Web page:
‘The judicial review procedure is designed so as to ensure that cases which are frivolous, vexatious or of no substance cannot be begun, hence the necessity for judicial screening at the stage where leave is sought. The procedure is also designed to ensure that a fair and expeditious trial takes place and that such trial is focused upon the issues, in respect of which the judge, at the leave stage, felt ought to be argued, and those alone’.

The court hearing an application for leave has discretion to direct that the application be heard on notice (Rule 24 (1)). It is also possible for the court hearing the application for leave to treat that application as if it were the hearing of the application itself, thereby short-circuiting the two-stage process. This may be done with the consent of all parties on the application of one of the parties where ‘there is good and sufficient reason for so doing and it is just and equitable in all the circumstances’ (Rule 24 (2)).

Judicial Review and Sports Bodies in Ireland

In most cases involving a sport’s governing body, the Irish courts will only intervene in the most exceptional circumstances. For the most part, decisions made by governing bodies are immune from judicial scrutiny. However, there are situations where the courts will become involved and as a result the determination of the sport’s governing body will be subject to judicial review.

At the outset it is important to distinguish judicial review of statutory bodies (such as those established in Ireland in the horse racing and greyhound industries) and the judicial scrutiny of sports bodies, which is often done on a private law (contractual) basis by way of a plenary summons. In invoking the law of contract, the sportsperson will argue that the decision reached by the governing body is tainted with procedural unfairness ‘such that the implication of a contractual duty to act fairly has been breached’ (Anderson, 2010b: 28). There are a number of English decisions that also demonstrate this. In Law v National Greyhound Racing Club Ltd [1983] 3 All ER 300 the Court of Appeal held that the rules of the sporting organisation provided that those who participated were deemed to have submitted to the rules and jurisdiction of that sport. Similarly in Korda v ITF [1999] All ER (D) 337 a tennis player was held to be in a contractual relationship with the governing body in relation to its disciplinary jurisdiction. Lord Denning in Lee v The Showman’s Guild of Britain [1952] 2 QB 329 submitted that the jurisdiction of ‘domestic tribunals’ was based in contract and such tribunals must comply with the rules of fairness. Anderson (2010b: 29) adds that the ‘legal nexus is crucial, both in a procedural and substantive sense’ and using Modahl v British Athletic Federation [2001] EWCA Civ 1447; [2002] 1 WLR 1192 as an example, it is imperative to consider the nature of the contractual relationship between the sportsperson and his/her club and the relevant national and international governing body. In the absence of a contract, the claimant will be unable to claim for damages (Anderson, 2010b: 29). If there is no contractual relationship between the parties, judicial review ‘may be the only procedure available to the applicant’ (Cox, Schuster and Costello (2004): 30).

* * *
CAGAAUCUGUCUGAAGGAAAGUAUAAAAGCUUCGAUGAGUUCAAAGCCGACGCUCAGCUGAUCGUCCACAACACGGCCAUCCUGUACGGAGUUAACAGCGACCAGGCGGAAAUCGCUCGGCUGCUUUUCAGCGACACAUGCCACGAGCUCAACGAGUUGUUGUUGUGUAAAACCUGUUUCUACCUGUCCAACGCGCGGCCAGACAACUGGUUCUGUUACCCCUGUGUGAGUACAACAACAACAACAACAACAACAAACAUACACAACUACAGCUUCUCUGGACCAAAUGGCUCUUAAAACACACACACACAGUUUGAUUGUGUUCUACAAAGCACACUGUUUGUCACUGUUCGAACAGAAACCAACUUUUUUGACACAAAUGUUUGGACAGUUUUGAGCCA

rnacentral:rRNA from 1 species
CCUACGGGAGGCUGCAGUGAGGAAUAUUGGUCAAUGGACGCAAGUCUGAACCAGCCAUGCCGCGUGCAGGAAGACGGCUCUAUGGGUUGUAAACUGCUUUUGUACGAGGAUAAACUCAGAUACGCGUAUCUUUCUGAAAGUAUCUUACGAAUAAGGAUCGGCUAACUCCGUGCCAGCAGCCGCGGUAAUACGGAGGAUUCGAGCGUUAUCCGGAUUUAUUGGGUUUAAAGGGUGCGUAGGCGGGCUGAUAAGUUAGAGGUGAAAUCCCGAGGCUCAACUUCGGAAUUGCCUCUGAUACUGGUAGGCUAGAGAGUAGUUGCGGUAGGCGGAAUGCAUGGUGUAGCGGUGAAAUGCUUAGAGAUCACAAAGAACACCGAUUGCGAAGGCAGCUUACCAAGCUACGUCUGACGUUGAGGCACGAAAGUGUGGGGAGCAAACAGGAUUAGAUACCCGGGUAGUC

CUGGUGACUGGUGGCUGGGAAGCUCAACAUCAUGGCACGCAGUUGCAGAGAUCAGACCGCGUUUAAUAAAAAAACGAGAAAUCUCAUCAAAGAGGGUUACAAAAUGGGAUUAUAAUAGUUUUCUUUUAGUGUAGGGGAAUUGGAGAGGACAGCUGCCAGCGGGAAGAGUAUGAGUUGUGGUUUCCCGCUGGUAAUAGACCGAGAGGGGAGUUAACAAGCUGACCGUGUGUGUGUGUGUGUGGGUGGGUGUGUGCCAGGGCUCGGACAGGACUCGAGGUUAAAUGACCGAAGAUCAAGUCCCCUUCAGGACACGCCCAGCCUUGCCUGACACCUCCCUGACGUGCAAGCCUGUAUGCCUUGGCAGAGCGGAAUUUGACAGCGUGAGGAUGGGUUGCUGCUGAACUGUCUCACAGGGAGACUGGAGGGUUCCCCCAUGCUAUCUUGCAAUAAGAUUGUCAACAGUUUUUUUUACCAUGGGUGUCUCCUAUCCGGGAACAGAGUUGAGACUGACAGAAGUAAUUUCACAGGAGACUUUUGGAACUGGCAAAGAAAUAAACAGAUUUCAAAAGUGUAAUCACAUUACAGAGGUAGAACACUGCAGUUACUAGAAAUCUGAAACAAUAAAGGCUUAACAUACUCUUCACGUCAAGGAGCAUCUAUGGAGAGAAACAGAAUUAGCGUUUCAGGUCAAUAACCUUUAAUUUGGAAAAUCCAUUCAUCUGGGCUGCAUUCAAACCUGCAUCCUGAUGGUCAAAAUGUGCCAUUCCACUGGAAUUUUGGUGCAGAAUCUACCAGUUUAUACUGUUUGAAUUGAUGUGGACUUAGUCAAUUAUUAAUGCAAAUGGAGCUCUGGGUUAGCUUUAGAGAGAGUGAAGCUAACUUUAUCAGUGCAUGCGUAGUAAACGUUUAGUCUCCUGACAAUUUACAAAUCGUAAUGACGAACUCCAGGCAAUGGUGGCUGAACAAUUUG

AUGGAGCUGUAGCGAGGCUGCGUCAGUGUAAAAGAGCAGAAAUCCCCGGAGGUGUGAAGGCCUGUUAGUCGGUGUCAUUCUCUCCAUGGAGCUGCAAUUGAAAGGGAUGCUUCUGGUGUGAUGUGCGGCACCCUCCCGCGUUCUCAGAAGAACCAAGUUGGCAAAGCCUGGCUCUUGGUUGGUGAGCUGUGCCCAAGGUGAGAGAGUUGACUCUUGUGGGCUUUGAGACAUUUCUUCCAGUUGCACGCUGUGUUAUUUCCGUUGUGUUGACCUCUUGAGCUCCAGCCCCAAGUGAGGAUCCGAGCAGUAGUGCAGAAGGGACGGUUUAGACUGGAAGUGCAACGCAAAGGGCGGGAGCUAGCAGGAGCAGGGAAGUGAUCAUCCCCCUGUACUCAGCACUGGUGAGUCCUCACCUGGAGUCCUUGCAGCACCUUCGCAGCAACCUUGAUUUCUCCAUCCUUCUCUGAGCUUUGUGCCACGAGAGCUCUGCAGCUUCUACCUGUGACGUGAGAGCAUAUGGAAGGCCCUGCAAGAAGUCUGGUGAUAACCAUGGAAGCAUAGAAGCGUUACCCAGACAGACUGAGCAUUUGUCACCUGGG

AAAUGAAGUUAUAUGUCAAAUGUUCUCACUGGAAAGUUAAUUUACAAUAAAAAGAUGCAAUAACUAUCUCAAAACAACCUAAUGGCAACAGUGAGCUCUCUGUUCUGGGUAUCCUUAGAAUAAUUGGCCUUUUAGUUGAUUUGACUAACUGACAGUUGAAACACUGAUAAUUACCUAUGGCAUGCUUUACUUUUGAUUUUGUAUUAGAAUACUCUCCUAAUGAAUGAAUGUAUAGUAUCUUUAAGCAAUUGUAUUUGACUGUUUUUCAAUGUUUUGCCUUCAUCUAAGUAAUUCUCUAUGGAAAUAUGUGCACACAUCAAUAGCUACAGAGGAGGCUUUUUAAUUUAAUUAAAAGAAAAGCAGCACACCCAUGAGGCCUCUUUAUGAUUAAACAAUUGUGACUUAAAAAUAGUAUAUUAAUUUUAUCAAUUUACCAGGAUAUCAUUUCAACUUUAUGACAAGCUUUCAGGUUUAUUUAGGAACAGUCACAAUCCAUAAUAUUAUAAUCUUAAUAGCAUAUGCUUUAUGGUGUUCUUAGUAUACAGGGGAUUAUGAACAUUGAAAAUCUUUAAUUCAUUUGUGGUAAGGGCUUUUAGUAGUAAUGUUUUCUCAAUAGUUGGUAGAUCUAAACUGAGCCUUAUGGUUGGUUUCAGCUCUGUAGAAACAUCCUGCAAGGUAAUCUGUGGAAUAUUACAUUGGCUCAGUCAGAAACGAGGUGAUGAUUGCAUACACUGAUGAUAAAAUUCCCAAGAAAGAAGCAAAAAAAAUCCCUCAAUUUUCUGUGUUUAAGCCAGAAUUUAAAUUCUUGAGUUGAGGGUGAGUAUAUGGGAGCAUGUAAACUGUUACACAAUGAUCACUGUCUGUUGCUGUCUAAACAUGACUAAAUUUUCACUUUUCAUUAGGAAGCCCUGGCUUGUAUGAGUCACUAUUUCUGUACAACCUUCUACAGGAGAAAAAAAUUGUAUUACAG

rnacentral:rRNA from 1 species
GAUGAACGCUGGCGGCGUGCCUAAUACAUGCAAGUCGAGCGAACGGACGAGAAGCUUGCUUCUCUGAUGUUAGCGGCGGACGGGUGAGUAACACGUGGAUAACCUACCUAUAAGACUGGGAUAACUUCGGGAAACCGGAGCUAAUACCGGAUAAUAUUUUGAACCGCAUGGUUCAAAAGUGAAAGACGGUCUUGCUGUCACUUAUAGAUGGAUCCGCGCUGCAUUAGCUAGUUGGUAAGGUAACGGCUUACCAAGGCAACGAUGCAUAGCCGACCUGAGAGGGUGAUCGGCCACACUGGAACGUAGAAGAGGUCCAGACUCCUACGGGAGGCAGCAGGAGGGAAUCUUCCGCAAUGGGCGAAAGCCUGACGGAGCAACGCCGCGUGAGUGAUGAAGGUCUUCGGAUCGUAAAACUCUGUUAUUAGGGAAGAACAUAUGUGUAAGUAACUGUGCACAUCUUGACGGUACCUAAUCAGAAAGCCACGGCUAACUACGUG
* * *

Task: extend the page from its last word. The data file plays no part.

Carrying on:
In order for judicial review of a decision of a sporting organisation to be available, it must be a public body. Otherwise, as discussed above, any dispute about a decision made by such a body would need to proceed on the basis of a private action. This can pose problems where the organisation is not deemed to be a public body as demonstrated by the case of Murphy v The Turf Club [1989] IR 171. Barr J (173–74) held that judicial review was not possible due to the consensual contractual relationship of the respondent and the application and ‘in purporting to revoke the applicant’s licence, the respondent was not executing a public law function’. However, in the more recent case of O’Connell & Another v The Turf Club & Another [2014] IEHC 175, the Turf Club was found to be a public body as it had now been placed on a statutory footing (Irish Horseracing Industry Act 1994). McGovern J (para. 19) held that the Turf Club was now amenable to judicial review as its decisions could no longer be seen as arising only from a private law contract. Thus, it would seem that if an organisation has its origins in statute, it will be held to be a public body. In the Irish context, judicial review may be available to private bodies which operate in the public domain, the source of its power is non-statutory and it occupies a monopolistic position rather there being a consensual relationship with its members (Cox, Schuster and Costello (2004): 32). In such situations, the organisation’s decisions ‘may be judicially reviewed even where the source of its power is non-statutory’ (Cox, Schuster and Costello (2004): 32).1 There seems to be a lack of clarity in Irish law as the courts ‘have intervened to ensure fair procedure, but there appears to have been no systematic analysis on which this has been done’ (O’Connor (2013): 78–79). O’Connor suggests that in a number of cases (for example: Clancy v IRFU [1995] 1 ILRM 195; Barry v Rogers & Allen & Others [2005] 4 JIC 1301; Moloney v Bolger [2009] 9 JIC 0601; JRM Sports t/a Limerick Football Club v FAI [2007] IEHC 67; Conway v Irish Tug of War Association & Others [2011] IEHC 245) the Irish courts have seemed to assume an implied power to intervene on the basis of the type of decision involved without assessing fully whether the organisation and the decision qualify as ones which should be amenable to judicial review.